GST rates decided on 1,211 items: Milk exempt, foodgrain to be cheaper
The GST Council, headed by finance Minister Arun Jaitley, is meeting for two days in Srinagar to finalise tax rates and approve rules for the new regime that is scheduled to kick off from July 1business Updated: May 18, 2017 23:40 IST
The Centre and states agreed on Thursday to exempt most food items including wheat, rice and milk from the Goods and Services Tax (GST) as political consensus grew for a possible July 1 roll out of India’s biggest tax reforms since Independence.
At least five state finance ministers Mint spoke to confirmed the July 1 date, a significant step ahead after several missed deadlines for the countrywide roll out of the GST. The new tax regime will unify Asia’s third largest economy into a common market, eliminating a string of central and state levies, and is expected to shore up state and federal tax revenues, cool inflation and accelerate economic growth by 1-2 percentage points in the medium term.
While manufactured goods will attract 18% GST, other household items such as sugar, tea, coffee and edible oil will attract 5% levy, senior officials said after a meeting of the powerful GST Council in Srinagar.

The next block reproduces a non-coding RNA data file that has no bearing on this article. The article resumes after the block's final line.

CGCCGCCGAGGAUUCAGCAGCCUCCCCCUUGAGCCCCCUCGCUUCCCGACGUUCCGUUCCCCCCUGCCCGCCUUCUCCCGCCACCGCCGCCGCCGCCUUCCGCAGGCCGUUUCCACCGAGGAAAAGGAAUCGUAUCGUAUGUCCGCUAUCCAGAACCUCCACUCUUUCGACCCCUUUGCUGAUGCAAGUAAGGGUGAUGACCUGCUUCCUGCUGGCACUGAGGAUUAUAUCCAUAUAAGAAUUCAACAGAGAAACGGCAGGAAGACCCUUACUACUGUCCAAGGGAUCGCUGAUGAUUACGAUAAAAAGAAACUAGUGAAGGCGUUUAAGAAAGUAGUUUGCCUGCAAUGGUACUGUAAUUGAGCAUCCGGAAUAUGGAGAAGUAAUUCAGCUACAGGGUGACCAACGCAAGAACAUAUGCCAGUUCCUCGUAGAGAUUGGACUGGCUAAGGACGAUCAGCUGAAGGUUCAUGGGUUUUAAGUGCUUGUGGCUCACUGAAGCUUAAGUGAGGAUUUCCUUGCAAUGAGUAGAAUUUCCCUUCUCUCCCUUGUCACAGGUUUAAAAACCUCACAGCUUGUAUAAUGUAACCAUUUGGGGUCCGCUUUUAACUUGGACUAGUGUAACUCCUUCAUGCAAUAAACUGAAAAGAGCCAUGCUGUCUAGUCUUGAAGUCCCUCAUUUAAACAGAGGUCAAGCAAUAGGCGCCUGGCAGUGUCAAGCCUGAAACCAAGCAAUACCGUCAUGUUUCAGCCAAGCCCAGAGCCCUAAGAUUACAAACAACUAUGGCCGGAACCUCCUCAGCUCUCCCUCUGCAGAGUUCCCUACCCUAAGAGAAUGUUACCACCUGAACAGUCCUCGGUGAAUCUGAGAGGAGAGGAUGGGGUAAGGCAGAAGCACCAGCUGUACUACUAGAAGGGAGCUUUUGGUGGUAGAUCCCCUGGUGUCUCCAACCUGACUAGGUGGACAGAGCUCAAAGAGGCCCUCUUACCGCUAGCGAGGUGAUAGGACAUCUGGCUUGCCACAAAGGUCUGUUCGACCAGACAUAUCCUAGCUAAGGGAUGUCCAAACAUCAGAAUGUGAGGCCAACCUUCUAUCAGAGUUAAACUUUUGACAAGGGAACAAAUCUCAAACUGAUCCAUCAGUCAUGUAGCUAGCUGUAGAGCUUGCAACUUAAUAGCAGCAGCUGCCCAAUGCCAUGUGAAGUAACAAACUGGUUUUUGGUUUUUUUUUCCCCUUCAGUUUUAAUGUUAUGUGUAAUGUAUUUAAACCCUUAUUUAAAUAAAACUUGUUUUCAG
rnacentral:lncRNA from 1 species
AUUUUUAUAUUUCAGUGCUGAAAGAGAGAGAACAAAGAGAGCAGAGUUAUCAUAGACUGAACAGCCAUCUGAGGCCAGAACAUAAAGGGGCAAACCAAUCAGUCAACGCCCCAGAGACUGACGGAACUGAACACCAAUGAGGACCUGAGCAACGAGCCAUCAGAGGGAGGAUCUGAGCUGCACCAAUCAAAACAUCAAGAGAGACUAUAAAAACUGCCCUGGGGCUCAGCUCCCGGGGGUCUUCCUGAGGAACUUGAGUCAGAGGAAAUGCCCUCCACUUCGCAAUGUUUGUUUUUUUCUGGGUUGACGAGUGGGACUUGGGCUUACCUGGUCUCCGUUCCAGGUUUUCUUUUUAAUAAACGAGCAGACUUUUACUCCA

Luxury cars will be taxed at 28% GST plus a cess of 15%, while small petrol cars will be taxed at 28% GST plus a 1% cess and small diesel cars at 28% plus 3% cess.
The council fixed the rates for more than 1,200 items and will discuss on Friday the rates on some other items and services.
It might meet one more time if tax rates for all items are not decided by then, finance minister Arun Jaitley said after the first day’s discussions.
“There is no increase in overall tax in any of the items, while there is a reduction of tax on many of the items,” Jaitley said. “On several commodities, we consciously brought down the tax rate.”
Capital goods, a key asset for the manufacturing sector, will be taxed at 28%.
Several daily-use items such as hair oil, toothpaste, and soap have been kept in the 18%-slab instead of at 28%. Aerated drinks too have been put in the 28 per cent bracket.
The present tax incidence in excess of 28% on luxury items will be treated as cess after the GST rollout and will go to the corpus for compensating states for any revenue loss.
Revenue secretary Hasmukh Adhia said 81% of the items will attract tax of 18% or below. Only 19% of items will be taxed at the highest rate of 28%, he said.
“The biggest take away from the decision is that food items will become cheaper,” Adhia added.
The cost of energy generation is likely to come down as the tax incidence on coal will come down to 5% from about 11% now.
Jammu and Kashmir, which has a special Constitutional status, will pass separate laws regarding central, state and inter-state GST so that the Himalayan state can roll out the tax reform from July 1, said a senior state official.
“We cannot delay the implementation of GST as it could affect movement of goods into and out of the state,” the official said on the condition of anonymity.